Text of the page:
Remember Edgar Maddison Welch? He is out of prison now. In late 2016 Welch drove more than 300 miles from his North Carolina home to Washington, armed with an AR-15.
He was on a mission to save children from a sex abuse ring operated by powerful Democrats in the basement of a pizzeria, or so he believed.
But he encountered a significant problem once he arrived: his mission was based on a patently preposterous lie, a viral conspiracy theory he imbibed while surfing the web.
In an incident known as “Pizzagate,” Welch, 28, entered the popular restaurant where families were dining, looked around for the purported dungeon, and fired a shot into a locked closet door.
He was convicted for his crime and sentenced to four years in federal prison.
Four years and one Trump presidency later, we are living in a Pizzagate world on steroids. Outlandish conspiracies pervade American politics, none zanier than QAnon, a pro-Trump cult that believes a cabal of Satan-worshipping pedophiles runs the planet with nefarious designs.
QAnon’s move from the fringes of sanity to mainstream politics is personified by Georgia Republican Marjorie Taylor Greene, a QAnon adherent who decisively won her congressional seat in November.
Greene, 46, is now at the center of the Republican Party’s internal struggle over its post-Trump future because of her past statements embracing wild conspiracies. QAnon’s claims are so unmoored from reality that the FBI considers the group a domestic terrorism threat.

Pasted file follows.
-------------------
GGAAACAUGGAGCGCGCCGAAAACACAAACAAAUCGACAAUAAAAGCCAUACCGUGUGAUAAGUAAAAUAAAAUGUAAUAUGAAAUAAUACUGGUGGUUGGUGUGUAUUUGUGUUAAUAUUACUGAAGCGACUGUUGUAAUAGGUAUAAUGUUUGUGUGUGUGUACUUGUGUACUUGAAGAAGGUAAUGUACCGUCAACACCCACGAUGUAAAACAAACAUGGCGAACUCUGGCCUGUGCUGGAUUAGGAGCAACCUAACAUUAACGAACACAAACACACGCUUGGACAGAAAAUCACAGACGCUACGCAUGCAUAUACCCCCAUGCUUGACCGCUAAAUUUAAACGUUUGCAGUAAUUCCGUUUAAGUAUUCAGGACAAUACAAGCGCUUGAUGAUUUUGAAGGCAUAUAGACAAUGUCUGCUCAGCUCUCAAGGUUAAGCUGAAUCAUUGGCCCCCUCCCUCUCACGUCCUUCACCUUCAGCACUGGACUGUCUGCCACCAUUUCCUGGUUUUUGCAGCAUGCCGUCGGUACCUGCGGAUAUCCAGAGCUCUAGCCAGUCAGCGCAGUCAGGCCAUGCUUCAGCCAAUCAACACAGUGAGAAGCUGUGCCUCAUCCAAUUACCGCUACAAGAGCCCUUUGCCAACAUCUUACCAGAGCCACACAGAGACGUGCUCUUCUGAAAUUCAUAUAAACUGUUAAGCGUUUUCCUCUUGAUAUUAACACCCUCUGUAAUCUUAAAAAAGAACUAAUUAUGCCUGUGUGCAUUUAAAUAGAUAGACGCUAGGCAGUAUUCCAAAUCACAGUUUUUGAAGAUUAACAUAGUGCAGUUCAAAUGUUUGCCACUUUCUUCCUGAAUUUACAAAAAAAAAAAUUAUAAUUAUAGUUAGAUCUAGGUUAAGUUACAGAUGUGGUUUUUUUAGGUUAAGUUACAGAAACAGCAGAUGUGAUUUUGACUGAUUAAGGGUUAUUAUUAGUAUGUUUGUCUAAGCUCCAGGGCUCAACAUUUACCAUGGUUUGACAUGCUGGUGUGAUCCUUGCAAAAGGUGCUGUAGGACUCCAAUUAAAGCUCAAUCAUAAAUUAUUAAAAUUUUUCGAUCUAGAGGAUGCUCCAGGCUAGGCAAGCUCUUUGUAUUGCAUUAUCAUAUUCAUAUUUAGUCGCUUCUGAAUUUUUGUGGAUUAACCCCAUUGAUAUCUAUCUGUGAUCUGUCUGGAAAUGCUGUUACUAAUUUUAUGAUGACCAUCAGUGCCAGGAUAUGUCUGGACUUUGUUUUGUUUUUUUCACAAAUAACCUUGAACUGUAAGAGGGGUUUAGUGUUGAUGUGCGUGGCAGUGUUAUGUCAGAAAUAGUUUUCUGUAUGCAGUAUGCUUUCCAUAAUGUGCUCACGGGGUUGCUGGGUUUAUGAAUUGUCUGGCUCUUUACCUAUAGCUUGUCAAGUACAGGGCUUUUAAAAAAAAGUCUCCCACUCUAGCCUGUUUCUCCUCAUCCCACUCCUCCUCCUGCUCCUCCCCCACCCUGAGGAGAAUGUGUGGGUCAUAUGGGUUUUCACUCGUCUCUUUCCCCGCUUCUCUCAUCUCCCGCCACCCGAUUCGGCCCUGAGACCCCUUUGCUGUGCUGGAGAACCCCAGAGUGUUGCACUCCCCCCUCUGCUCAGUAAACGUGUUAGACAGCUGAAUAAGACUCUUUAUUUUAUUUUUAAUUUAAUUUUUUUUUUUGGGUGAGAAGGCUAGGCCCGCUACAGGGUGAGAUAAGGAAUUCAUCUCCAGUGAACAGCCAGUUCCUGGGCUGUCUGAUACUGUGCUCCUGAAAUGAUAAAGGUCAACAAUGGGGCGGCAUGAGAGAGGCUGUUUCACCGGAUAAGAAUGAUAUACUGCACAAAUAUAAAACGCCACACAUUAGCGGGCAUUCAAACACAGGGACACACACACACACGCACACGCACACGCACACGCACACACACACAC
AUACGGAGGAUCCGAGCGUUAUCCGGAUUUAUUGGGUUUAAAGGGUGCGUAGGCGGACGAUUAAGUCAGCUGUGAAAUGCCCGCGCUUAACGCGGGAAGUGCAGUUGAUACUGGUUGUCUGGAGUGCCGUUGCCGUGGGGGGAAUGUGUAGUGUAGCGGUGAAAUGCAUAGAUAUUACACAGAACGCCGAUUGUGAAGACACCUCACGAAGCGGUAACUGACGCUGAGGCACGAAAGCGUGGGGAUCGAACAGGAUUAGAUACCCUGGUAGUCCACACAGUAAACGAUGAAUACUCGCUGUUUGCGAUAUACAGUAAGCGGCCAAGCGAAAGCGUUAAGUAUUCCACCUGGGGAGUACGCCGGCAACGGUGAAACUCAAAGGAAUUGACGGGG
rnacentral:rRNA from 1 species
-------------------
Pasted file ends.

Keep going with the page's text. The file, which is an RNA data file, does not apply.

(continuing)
In the latest episode of History As It Happens, Pulitzer Prize-winning historian Joseph Ellis, an esteemed chronicler of early American history, said our politics have always been plagued by conspiratorial thinking, even if today’s currents appear more bizarre than past ones.
“Conspiracy theories are as old as American history and you don’t have to start with the Constitution,” said Ellis. “The opposition to Britain [in the early 1770s] was based on a conspiracy theory: Great Britain was plotting to enslave American colonists.”
“There’s always a kernel of truth to any conspiracy theory, but in this case, Great Britain was attempting to consolidate its North American empire after winning it in the French and Indian War,” Ellis explained.
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“They wanted to make colonists second-rate British citizens but not slaves. Nonetheless, if you read the pamphlets of the American Revolution, among very sane and sensible people including John Adams, Thomas Jefferson, John Dickinson, [and] James Otis, slavery is the word.”
Even as the nation’s first generation of leaders transited in some irrational ideas, they feared the passions of the general population. The founders drew on the works of Thucydides, Tacitus, and other ancient thinkers to explain their dread of democracy — or mob rule — as fertile ground for dangerous ideas, Ellis said.
“Any republic which has a base that is democratic… because the foundation of the republic is popular opinion, popular opinion is inherently manipulable. It is vulnerable to demagogues who are looking to tell you who to blame for your problems,” Ellis said.
“The current problem is amplified by the internet but it is merely a continuation and expansion of a problem that we will always have with us, as long as we are a republic with a democratic foundation.”
For more of historian Joseph Ellis’ thoughts on QAnon, Donald Trump, and the power of conspiratorial thinking throughout American history, listen to this episode of History As It Happens.